NCMEC’s newest oldest case

The NCMEC has profiled the disappearance of Beverly Sharpman from the 1940s. Her listed missing date of September 11, 1949 beats Ricky Jean Bryant by several months, making Beverly the newest oldest case. (The NCMEC also has a 1947 case on there, but it’s a Maryland Center for Missing Children case, not an NCMEC case, so he doesn’t count in my mind.)

However their date of disappearance for Beverly is, I’m pretty sure, wrong. I have it as 1947 and I checked the Philadelphia Daily News article to be sure. If she disappeared in 1949, she would have been over 18, making her ineligible for an NCMEC listing. I have written the NCMEC about this. The date of birth differs from mine too, but I’m prepared to accept theirs.

If Beverly is still alive, she would be 79 or 80 years old today, depending on whether you accept the NCMEC’s date of birth or mine. There’s no real reason to believe she didn’t live for a long time after her disappearance; she could be a grandmother in a nursing home today, or she could have had a long life followed by a natural death. Inquiring minds would like to confirm this, however.

16 thoughts on “NCMEC’s newest oldest case

  1. Wendy September 10, 2010 / 1:31 pm

    These older cases really fascinate me. The possibilities here are endless…

    • Meaghan September 10, 2010 / 1:53 pm

      A thought: died during botched back-alley abortion?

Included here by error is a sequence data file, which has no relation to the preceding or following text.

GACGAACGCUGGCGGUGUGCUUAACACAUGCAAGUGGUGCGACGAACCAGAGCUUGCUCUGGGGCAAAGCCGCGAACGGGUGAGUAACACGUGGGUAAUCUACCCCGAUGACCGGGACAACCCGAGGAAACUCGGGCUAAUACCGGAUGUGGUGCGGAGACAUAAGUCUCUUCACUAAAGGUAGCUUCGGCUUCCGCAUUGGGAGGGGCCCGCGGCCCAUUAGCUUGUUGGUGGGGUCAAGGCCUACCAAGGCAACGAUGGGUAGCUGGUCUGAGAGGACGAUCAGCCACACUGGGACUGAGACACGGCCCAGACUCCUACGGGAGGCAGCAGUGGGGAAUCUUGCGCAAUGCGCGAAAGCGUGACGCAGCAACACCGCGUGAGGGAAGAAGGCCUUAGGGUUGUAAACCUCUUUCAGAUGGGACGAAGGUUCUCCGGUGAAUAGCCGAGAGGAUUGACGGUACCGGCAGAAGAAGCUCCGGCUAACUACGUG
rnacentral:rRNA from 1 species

• Princess Shantae September 10, 2010 / 2:18 pm

        Maybe. But why quit her job and plan to go to Chicago?
        Her parents said she wasn’t dating anybody but don’t they usually say that? She was working and had her own money, there’s no reason she couldn’t of kept a secret like a boyfriend or just a fling.

  2. Princess Shantae September 10, 2010 / 1:56 pm

    Meaghan, the NCMEC does sometimes have cases of people over 18. They had Brooke Wilberger and Elizabeth Campbell.

    • Meaghan September 10, 2010 / 2:26 pm

      Yes, but when they do they have a message underneath saying “this missing person over 18 but under 21 is listed here pursuant to blah blah blah act.” No such message in Beverly’s poster.

  3. Justin September 10, 2010 / 5:21 pm

    the Dorothy Forstein case has always interested me. She was abducted on October 18, 1950 from Philidelphia and her daughter witnessed it.

  4. Princess Shantae September 10, 2010 / 9:02 pm

    You mentioned Ricky Jean Bryant. I looked her up. Her case reminds me a little bit of Delimar Vera’s which was from Philly about 10 or 12 years ago, or more. She was only like two weeks old and her house burnt down. I mean it was totaled, burnt to the ground, andthey said she had died in the fire even though there was no body, everything was burned so bad they couldn’t tell what was what.
    Anyways, five or six years later, Delimar turns up in New Jersey. Turns out a cousin of her mom’s had kidnapped her and burnt the house down. She wasn’t even living all that far away from Delimar’s mother. I can’t remember how they found out about it, maybe somebody tipped them off? Delimar was being called Aaliyah, I think, and this crazy cousin was all the mother she ever knew.